By Lisa Mascaro, Eric Tucker and Mary Clare Jalonick, The Associated Press
WASHINGTON — The Senate on Saturday acquitted Donald Trump of inciting the horrific attack on the U.S. Capitol, concluding a historic impeachment trial that exposed the fragility of America’s democratic traditions and left a divided nation to come to terms with the violence sparked by his defeated presidency.
Barely a month since the deadly Jan. 6 riot that stunned the world, the Senate convened for a rare weekend session to deliver its verdict, voting while armed National Guard troops continued to stand their posts outside the iconic building.
The quick trial, the nation’s first of a former president, showed how perilously close the invaders had come to destroying the nation’s deep tradition of a peaceful transfer of presidential power after Trump had refused to concede the election. Rallying outside the White House, he unleashed a mob of supporters to “fight like hell” for him at the Capitol just as Congress was certify Democrat Joe Biden’s victory. As hundreds stormed the building, some in tactical gear engaging in bloody combat with police, lawmakers fled for their lives. Five people died.
The verdict, on a vote of 57-43, is all but certain to influence not only the former president’s political future but that of the senators sworn to deliver impartial justice as jurors. Seven Republicans joined all Democrats to convict, but it was far from the two-third threshold required.
Colorado’s Democratic U.S. Sens. John Hickenlooper and Michael Bennet voted to convict.
“As the evidence showed, former President Trump sought to overturn a free and fair election in order to preserve his grip on power,” Hickenlooper said in a written statement. “In doing so, he incited an insurrection and threatened the peaceful transfer of power — the very bedrock of our democracy. I’m hopeful that we can turn the page on this dark chapter in American history and move forward as a country to tackle the pressing challenges ahead.”
Hickenlooper also sent out a fundraising email just after the verdict was reached highlighting his vote.
Bennet said “our exercise in self-government will always be vulnerable to demagogues who do anything to hold on to power.”
“Although the Senate fell short of the required two-thirds majority, our bipartisan vote reflects the powerful evidence that President Trump breached his oath of office,” Bennet said. “In my view, his egregious refusal to accept the results of a lawful election and his intimidation of election officials were sufficient to warrant conviction. In the end, he stopped at nothing, inciting a mob to attack the Capitol to overturn the lawful election of President Biden, putting American lives, principles, and democratic institutions at mortal risk.”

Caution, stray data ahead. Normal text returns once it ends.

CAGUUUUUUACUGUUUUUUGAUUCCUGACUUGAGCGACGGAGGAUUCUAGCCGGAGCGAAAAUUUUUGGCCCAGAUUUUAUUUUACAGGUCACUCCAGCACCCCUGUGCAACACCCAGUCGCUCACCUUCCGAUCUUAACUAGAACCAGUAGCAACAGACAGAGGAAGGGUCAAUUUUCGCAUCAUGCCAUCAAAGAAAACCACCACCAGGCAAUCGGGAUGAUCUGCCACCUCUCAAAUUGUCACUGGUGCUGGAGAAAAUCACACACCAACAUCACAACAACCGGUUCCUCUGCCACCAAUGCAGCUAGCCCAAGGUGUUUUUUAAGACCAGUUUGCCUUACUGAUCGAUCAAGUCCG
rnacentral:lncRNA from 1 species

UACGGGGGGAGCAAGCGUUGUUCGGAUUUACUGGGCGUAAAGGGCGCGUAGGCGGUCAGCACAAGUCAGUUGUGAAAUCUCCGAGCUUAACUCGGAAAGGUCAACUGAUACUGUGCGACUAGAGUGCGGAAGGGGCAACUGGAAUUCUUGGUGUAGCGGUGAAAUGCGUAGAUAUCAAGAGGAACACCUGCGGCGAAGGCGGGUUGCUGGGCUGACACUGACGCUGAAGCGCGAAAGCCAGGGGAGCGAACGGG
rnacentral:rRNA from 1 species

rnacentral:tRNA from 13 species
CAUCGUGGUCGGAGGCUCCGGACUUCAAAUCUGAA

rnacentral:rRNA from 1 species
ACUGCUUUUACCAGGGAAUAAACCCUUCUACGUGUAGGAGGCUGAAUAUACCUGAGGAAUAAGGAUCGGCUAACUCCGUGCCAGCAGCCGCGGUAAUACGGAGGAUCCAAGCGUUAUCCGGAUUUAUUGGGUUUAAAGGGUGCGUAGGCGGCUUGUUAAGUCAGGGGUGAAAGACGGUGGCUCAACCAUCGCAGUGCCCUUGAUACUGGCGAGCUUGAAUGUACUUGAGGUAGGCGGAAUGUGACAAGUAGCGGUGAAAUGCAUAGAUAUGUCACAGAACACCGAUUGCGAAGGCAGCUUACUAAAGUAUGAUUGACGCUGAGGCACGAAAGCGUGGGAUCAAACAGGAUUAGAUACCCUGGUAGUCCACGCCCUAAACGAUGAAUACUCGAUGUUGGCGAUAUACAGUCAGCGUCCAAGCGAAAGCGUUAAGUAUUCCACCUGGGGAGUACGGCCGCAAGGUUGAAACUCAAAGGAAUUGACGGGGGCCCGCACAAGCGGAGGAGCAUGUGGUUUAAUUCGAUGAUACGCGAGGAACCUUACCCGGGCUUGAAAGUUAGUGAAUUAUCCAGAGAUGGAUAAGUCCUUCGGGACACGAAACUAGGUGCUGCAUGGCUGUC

The outcome after the uprising leaves unresolved the nation’s wrenching divisions over Trump’s brand of politics that led to the most violent domestic attack on one of America’s three branches of government.
“Senators, we are in a dialogue with history, a conversation with our past, with a hope for our future,” said Rep. Madeleine Dean, D-Pa.., one of the House prosecutors in closing arguments.
“What we do here, what is being asked of each of us here in this moment will be remembered.”
Trump, unrepentant, welcomed the his second impeachment acquittal and said his movement “has only just begun.” He slammed the trial as “yet another phase of the greatest witch hunt in the history of our Country.”
Though he was acquitted, it was easily the largest number of senators to ever vote to find a president of their own party guilty of an impeachment charge.
Voting to find Trump guilty were GOP Sens. Richard Burr of North Carolina, Bill Cassidy of Louisiana, Susan Collins of Maine, Lisa Murkowski of Alaska, Mitt Romney of Utah, Ben Sasse of Nebraska and Patrick Toomey of Pennsylvania.
Even after voting to acquit, the Republican leader Mitch McConnell condemned the former president as ‘practically and morally responsible’ for the insurrection. Trump could not be convicted because he was out of office, McConnell contended.
The trial had been momentarily thrown into confusion when senators suddenly wanted to consider potential witnesses, an hours-long standoff Saturday that stalled the momentum toward a vote. Prolonged proceedings would be politically risky, particularly for Biden’s new presidency and his emerging legislative agenda. Coming amid the searing COVID-19 crisis, the Biden White House is trying to rush pandemic relief through Congress.
Biden has hardly weighed in on the proceedings and was spending the weekend with family at the presidential retreat in Camp David, Maryland.
The nearly weeklong trial has delivered a grim and graphic narrative of the riot and its consequences in ways that senators, most of whom fled for their own safety that day, acknowledge they are still coming to grips with.
House prosecutors have argued that Trump’s was the “inciter in chief” stoking a months-long campaign, and orchestrated pattern of violent rhetoric and false claims they called the “big lie” that unleashed the mob. Five people died, including a rioter who was shot and a police officer.